Either the A Beka video or their books without video are a wonderfully sound education, even if you use only them for 12 years. There is much reinforcement and review and a high level of expectation. Many students have continued on to college, and done exceedingly well, after an A Beka education. The educational approach and curriculum we end up choosing does depend on our goals. That is hard to know when we first begin, but it gets clearer as time passes and we see our children’s areas of talent and interest. I believe that A Beka (primary grades) gave us a solid foundation for traditional school format as well as for what I call semi-classical format. If I had more children, I might have continued all through high school with A Beka. However, only having two, freed me up to venture more into this semi-classical approach during the Logic Stage--the middle school years. With the foundation of A Beka, my girls have become self-learners in many ways. They read and learn even when the “book work” is done. They have developed a life-style of constantly learning, and they don’t even realize it. It's a way of life. Being self-motivated learners has made the transition into the Classical approach easier for me. With many subjects, we study, read, write, etc. on our own and then come together to discuss, share, analyze, read something together, study a particular topic together. Of course, I am still checking Math papers for my 6th grader as well as English and other types of fact-based work. We have nearly every scheduled course finished for this year, and yet because I want them to have a deeper understanding of poetry, we’re doing a course on that from IEW. We just read the text together, work through the questions alone, and then come back together to discuss and share. We only have to do it a few days every other week to get through it this summer.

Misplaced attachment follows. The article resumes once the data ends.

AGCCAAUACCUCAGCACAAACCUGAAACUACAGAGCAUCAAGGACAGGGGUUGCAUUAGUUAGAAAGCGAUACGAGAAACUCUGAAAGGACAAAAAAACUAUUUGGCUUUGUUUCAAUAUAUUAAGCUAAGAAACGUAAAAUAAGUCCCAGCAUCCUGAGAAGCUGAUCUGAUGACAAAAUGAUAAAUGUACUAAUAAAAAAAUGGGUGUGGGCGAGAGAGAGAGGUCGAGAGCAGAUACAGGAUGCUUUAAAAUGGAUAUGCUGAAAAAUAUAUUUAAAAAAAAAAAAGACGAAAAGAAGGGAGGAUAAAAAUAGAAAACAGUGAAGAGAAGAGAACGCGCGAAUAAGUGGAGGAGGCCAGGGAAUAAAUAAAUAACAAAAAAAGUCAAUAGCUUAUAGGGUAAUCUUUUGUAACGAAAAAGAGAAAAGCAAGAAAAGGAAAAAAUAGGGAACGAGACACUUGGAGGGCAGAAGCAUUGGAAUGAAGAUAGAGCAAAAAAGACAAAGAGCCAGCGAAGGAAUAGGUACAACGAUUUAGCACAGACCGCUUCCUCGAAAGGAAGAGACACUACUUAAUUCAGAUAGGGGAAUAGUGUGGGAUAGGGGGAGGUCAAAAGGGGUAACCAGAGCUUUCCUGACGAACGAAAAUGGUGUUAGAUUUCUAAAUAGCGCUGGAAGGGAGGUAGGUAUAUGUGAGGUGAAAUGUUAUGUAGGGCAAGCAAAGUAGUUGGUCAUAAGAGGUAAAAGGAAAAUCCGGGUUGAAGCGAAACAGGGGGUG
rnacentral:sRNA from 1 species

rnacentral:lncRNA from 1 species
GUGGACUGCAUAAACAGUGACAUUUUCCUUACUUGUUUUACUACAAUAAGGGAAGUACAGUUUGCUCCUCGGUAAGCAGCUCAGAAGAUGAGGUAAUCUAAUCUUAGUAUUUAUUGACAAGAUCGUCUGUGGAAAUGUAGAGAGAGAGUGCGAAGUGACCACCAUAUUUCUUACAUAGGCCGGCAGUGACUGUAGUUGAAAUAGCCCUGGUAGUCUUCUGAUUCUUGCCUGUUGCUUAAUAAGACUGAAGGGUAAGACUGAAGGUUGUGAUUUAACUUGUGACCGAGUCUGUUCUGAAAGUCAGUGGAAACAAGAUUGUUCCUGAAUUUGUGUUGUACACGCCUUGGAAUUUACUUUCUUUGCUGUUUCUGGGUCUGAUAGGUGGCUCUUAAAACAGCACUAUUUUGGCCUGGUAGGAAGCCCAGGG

As I reflect on the whole concept of being a self-learner, I do realize one thing with regard to the high school courses my eldest has completed this year. She is able to take words off the page, or lessons from a video teacher and very easily comprehend them. I seldom have to explain (Algebra, Logic, or Science) concepts to her. The Video-Text Algebra author/teacher is always available to contact, as well as the Apologia Science author/instructor, but we haven't needed that. I may be much more involved once my younger child gets to the more advanced subjects. She has a different style of learning.

Here is a list of resources we have used to this point.